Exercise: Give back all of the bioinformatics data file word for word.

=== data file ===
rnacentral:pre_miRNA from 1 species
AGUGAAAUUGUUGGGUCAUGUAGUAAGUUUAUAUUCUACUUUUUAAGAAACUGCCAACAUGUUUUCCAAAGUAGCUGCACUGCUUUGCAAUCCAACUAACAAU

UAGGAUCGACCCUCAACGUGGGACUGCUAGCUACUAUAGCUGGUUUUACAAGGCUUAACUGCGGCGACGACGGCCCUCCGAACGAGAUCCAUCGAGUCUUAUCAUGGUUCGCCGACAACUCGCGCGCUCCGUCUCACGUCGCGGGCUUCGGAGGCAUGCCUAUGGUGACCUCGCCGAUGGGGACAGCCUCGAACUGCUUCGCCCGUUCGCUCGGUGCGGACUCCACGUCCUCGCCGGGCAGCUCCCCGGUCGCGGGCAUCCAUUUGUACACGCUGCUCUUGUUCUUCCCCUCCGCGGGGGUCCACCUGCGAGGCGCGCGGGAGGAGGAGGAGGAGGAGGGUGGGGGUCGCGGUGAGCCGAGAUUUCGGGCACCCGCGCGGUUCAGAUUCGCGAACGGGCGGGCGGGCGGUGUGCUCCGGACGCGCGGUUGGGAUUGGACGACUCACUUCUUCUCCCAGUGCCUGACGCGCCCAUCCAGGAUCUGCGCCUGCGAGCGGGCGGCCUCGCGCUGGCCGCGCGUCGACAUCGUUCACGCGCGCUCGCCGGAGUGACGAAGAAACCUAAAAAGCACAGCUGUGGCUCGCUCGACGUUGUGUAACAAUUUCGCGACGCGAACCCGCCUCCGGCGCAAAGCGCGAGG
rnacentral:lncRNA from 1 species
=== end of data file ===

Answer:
rnacentral:pre_miRNA from 1 species
AGUGAAAUUGUUGGGUCAUGUAGUAAGUUUAUAUUCUACUUUUUAAGAAACUGCCAACAUGUUUUCCAAAGUAGCUGCACUGCUUUGCAAUCCAACUAACAAU

UAGGAUCGACCCUCAACGUGGGACUGCUAGCUACUAUAGCUGGUUUUACAAGGCUUAACUGCGGCGACGACGGCCCUCCGAACGAGAUCCAUCGAGUCUUAUCAUGGUUCGCCGACAACUCGCGCGCUCCGUCUCACGUCGCGGGCUUCGGAGGCAUGCCUAUGGUGACCUCGCCGAUGGGGACAGCCUCGAACUGCUUCGCCCGUUCGCUCGGUGCGGACUCCACGUCCUCGCCGGGCAGCUCCCCGGUCGCGGGCAUCCAUUUGUACACGCUGCUCUUGUUCUUCCCCUCCGCGGGGGUCCACCUGCGAGGCGCGCGGGAGGAGGAGGAGGAGGAGGGUGGGGGUCGCGGUGAGCCGAGAUUUCGGGCACCCGCGCGGUUCAGAUUCGCGAACGGGCGGGCGGGCGGUGUGCUCCGGACGCGCGGUUGGGAUUGGACGACUCACUUCUUCUCCCAGUGCCUGACGCGCCCAUCCAGGAUCUGCGCCUGCGAGCGGGCGGCCUCGCGCUGGCCGCGCGUCGACAUCGUUCACGCGCGCUCGCCGGAGUGACGAAGAAACCUAAAAAGCACAGCUGUGGCUCGCUCGACGUUGUGUAACAAUUUCGCGACGCGAACCCGCCUCCGGCGCAAAGCGCGAGG
rnacentral:lncRNA from 1 species